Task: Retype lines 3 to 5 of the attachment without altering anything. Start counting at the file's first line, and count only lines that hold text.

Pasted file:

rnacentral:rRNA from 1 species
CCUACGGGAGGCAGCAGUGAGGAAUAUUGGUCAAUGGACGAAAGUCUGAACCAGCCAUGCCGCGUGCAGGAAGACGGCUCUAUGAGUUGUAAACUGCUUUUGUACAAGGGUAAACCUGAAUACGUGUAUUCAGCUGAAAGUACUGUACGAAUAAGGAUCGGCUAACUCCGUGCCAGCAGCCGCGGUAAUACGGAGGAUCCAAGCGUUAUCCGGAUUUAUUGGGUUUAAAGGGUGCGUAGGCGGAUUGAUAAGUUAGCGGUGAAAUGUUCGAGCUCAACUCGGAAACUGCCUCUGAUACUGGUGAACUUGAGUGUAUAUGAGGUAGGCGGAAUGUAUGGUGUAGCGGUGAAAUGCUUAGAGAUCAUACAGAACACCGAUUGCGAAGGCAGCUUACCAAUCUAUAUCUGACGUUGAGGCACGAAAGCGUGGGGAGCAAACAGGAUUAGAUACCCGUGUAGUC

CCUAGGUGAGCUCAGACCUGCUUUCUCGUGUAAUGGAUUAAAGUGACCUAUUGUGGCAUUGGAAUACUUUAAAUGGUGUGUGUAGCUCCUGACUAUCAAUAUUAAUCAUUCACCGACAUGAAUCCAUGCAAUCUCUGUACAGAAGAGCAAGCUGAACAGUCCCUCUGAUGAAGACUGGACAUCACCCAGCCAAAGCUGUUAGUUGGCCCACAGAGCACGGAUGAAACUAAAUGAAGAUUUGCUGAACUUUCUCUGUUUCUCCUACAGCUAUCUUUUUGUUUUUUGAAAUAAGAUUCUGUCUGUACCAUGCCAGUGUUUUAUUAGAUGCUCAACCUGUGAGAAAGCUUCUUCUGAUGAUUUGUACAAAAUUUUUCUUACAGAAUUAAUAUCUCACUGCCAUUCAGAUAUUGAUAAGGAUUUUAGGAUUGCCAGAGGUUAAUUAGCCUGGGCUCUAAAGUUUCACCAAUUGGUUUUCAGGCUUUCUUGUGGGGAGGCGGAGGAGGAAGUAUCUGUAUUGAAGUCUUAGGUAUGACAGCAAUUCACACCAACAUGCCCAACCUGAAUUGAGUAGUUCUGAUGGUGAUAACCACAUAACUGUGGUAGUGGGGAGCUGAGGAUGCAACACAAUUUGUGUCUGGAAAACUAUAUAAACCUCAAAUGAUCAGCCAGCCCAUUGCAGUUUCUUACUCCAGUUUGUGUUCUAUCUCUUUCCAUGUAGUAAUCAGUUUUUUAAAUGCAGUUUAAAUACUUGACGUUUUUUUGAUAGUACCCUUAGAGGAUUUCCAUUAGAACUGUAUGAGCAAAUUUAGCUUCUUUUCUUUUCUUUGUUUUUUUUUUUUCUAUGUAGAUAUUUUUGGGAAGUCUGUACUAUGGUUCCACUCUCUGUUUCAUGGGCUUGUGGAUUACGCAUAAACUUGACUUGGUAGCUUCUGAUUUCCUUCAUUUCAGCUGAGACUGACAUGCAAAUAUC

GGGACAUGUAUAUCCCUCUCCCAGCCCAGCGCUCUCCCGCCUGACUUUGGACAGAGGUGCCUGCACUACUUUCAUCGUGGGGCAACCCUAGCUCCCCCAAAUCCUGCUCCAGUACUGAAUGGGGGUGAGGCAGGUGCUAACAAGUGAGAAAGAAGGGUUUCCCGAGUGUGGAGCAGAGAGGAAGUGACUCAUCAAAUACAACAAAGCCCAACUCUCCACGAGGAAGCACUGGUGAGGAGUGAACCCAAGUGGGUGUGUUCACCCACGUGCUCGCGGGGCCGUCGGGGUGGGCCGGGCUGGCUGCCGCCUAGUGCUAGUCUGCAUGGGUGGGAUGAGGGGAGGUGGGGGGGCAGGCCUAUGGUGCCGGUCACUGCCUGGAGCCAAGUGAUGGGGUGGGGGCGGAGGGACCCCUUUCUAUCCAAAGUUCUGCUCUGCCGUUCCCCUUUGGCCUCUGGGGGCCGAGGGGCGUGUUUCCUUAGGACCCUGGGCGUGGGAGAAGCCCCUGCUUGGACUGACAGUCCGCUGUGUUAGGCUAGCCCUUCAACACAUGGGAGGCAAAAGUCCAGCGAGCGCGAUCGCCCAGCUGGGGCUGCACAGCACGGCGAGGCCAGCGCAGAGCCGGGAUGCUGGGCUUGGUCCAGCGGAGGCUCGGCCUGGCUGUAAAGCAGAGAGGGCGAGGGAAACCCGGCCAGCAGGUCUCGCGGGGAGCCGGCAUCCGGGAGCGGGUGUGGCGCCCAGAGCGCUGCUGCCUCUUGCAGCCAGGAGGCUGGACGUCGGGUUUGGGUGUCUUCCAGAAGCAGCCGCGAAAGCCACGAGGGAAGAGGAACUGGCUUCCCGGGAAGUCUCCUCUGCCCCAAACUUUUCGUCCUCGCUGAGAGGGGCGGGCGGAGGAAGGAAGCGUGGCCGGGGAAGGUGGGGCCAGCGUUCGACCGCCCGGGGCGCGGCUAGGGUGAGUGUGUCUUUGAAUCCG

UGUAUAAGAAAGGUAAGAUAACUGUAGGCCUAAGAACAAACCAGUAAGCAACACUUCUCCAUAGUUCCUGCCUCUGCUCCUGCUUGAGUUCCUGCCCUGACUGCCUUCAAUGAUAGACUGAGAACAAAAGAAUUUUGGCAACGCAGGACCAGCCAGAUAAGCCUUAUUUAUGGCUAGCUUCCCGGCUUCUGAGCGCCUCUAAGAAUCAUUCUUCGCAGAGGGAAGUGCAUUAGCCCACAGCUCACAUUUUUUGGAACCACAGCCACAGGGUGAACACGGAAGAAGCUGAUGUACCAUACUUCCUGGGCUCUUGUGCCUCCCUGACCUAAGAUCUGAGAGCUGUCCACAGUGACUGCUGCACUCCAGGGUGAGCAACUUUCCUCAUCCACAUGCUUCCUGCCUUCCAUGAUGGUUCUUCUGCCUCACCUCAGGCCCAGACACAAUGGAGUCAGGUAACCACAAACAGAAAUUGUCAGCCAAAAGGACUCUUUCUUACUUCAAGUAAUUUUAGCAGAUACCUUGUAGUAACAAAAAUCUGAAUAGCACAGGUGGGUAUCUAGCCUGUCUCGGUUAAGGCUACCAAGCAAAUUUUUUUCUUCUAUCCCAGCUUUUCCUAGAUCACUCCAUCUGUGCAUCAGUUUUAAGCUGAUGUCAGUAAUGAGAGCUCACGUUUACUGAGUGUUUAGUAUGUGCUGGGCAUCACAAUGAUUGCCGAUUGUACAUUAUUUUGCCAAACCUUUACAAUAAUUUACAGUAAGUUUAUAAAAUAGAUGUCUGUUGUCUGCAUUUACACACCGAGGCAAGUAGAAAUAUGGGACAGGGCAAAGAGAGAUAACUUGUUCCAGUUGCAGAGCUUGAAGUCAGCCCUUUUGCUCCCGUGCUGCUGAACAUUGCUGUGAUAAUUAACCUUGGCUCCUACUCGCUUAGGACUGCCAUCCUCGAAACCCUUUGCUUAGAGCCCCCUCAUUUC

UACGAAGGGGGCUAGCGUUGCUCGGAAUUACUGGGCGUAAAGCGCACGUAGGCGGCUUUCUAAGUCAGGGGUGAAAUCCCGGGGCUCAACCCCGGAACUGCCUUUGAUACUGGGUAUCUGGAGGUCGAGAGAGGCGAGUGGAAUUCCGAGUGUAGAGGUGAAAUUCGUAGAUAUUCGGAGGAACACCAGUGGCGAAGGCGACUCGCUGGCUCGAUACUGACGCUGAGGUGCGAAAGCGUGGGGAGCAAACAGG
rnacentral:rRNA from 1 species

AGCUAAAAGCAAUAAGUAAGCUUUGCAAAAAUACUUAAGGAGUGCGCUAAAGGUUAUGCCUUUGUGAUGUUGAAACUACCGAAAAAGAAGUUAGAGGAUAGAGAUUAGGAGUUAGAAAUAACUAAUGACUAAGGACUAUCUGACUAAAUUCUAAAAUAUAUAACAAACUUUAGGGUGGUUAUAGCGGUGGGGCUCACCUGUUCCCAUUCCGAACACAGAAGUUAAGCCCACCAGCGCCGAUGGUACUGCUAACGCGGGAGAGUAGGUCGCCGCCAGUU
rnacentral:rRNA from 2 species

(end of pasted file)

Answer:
CCUAGGUGAGCUCAGACCUGCUUUCUCGUGUAAUGGAUUAAAGUGACCUAUUGUGGCAUUGGAAUACUUUAAAUGGUGUGUGUAGCUCCUGACUAUCAAUAUUAAUCAUUCACCGACAUGAAUCCAUGCAAUCUCUGUACAGAAGAGCAAGCUGAACAGUCCCUCUGAUGAAGACUGGACAUCACCCAGCCAAAGCUGUUAGUUGGCCCACAGAGCACGGAUGAAACUAAAUGAAGAUUUGCUGAACUUUCUCUGUUUCUCCUACAGCUAUCUUUUUGUUUUUUGAAAUAAGAUUCUGUCUGUACCAUGCCAGUGUUUUAUUAGAUGCUCAACCUGUGAGAAAGCUUCUUCUGAUGAUUUGUACAAAAUUUUUCUUACAGAAUUAAUAUCUCACUGCCAUUCAGAUAUUGAUAAGGAUUUUAGGAUUGCCAGAGGUUAAUUAGCCUGGGCUCUAAAGUUUCACCAAUUGGUUUUCAGGCUUUCUUGUGGGGAGGCGGAGGAGGAAGUAUCUGUAUUGAAGUCUUAGGUAUGACAGCAAUUCACACCAACAUGCCCAACCUGAAUUGAGUAGUUCUGAUGGUGAUAACCACAUAACUGUGGUAGUGGGGAGCUGAGGAUGCAACACAAUUUGUGUCUGGAAAACUAUAUAAACCUCAAAUGAUCAGCCAGCCCAUUGCAGUUUCUUACUCCAGUUUGUGUUCUAUCUCUUUCCAUGUAGUAAUCAGUUUUUUAAAUGCAGUUUAAAUACUUGACGUUUUUUUGAUAGUACCCUUAGAGGAUUUCCAUUAGAACUGUAUGAGCAAAUUUAGCUUCUUUUCUUUUCUUUGUUUUUUUUUUUUCUAUGUAGAUAUUUUUGGGAAGUCUGUACUAUGGUUCCACUCUCUGUUUCAUGGGCUUGUGGAUUACGCAUAAACUUGACUUGGUAGCUUCUGAUUUCCUUCAUUUCAGCUGAGACUGACAUGCAAAUAUC

GGGACAUGUAUAUCCCUCUCCCAGCCCAGCGCUCUCCCGCCUGACUUUGGACAGAGGUGCCUGCACUACUUUCAUCGUGGGGCAACCCUAGCUCCCCCAAAUCCUGCUCCAGUACUGAAUGGGGGUGAGGCAGGUGCUAACAAGUGAGAAAGAAGGGUUUCCCGAGUGUGGAGCAGAGAGGAAGUGACUCAUCAAAUACAACAAAGCCCAACUCUCCACGAGGAAGCACUGGUGAGGAGUGAACCCAAGUGGGUGUGUUCACCCACGUGCUCGCGGGGCCGUCGGGGUGGGCCGGGCUGGCUGCCGCCUAGUGCUAGUCUGCAUGGGUGGGAUGAGGGGAGGUGGGGGGGCAGGCCUAUGGUGCCGGUCACUGCCUGGAGCCAAGUGAUGGGGUGGGGGCGGAGGGACCCCUUUCUAUCCAAAGUUCUGCUCUGCCGUUCCCCUUUGGCCUCUGGGGGCCGAGGGGCGUGUUUCCUUAGGACCCUGGGCGUGGGAGAAGCCCCUGCUUGGACUGACAGUCCGCUGUGUUAGGCUAGCCCUUCAACACAUGGGAGGCAAAAGUCCAGCGAGCGCGAUCGCCCAGCUGGGGCUGCACAGCACGGCGAGGCCAGCGCAGAGCCGGGAUGCUGGGCUUGGUCCAGCGGAGGCUCGGCCUGGCUGUAAAGCAGAGAGGGCGAGGGAAACCCGGCCAGCAGGUCUCGCGGGGAGCCGGCAUCCGGGAGCGGGUGUGGCGCCCAGAGCGCUGCUGCCUCUUGCAGCCAGGAGGCUGGACGUCGGGUUUGGGUGUCUUCCAGAAGCAGCCGCGAAAGCCACGAGGGAAGAGGAACUGGCUUCCCGGGAAGUCUCCUCUGCCCCAAACUUUUCGUCCUCGCUGAGAGGGGCGGGCGGAGGAAGGAAGCGUGGCCGGGGAAGGUGGGGCCAGCGUUCGACCGCCCGGGGCGCGGCUAGGGUGAGUGUGUCUUUGAAUCCG

UGUAUAAGAAAGGUAAGAUAACUGUAGGCCUAAGAACAAACCAGUAAGCAACACUUCUCCAUAGUUCCUGCCUCUGCUCCUGCUUGAGUUCCUGCCCUGACUGCCUUCAAUGAUAGACUGAGAACAAAAGAAUUUUGGCAACGCAGGACCAGCCAGAUAAGCCUUAUUUAUGGCUAGCUUCCCGGCUUCUGAGCGCCUCUAAGAAUCAUUCUUCGCAGAGGGAAGUGCAUUAGCCCACAGCUCACAUUUUUUGGAACCACAGCCACAGGGUGAACACGGAAGAAGCUGAUGUACCAUACUUCCUGGGCUCUUGUGCCUCCCUGACCUAAGAUCUGAGAGCUGUCCACAGUGACUGCUGCACUCCAGGGUGAGCAACUUUCCUCAUCCACAUGCUUCCUGCCUUCCAUGAUGGUUCUUCUGCCUCACCUCAGGCCCAGACACAAUGGAGUCAGGUAACCACAAACAGAAAUUGUCAGCCAAAAGGACUCUUUCUUACUUCAAGUAAUUUUAGCAGAUACCUUGUAGUAACAAAAAUCUGAAUAGCACAGGUGGGUAUCUAGCCUGUCUCGGUUAAGGCUACCAAGCAAAUUUUUUUCUUCUAUCCCAGCUUUUCCUAGAUCACUCCAUCUGUGCAUCAGUUUUAAGCUGAUGUCAGUAAUGAGAGCUCACGUUUACUGAGUGUUUAGUAUGUGCUGGGCAUCACAAUGAUUGCCGAUUGUACAUUAUUUUGCCAAACCUUUACAAUAAUUUACAGUAAGUUUAUAAAAUAGAUGUCUGUUGUCUGCAUUUACACACCGAGGCAAGUAGAAAUAUGGGACAGGGCAAAGAGAGAUAACUUGUUCCAGUUGCAGAGCUUGAAGUCAGCCCUUUUGCUCCCGUGCUGCUGAACAUUGCUGUGAUAAUUAACCUUGGCUCCUACUCGCUUAGGACUGCCAUCCUCGAAACCCUUUGCUUAGAGCCCCCUCAUUUC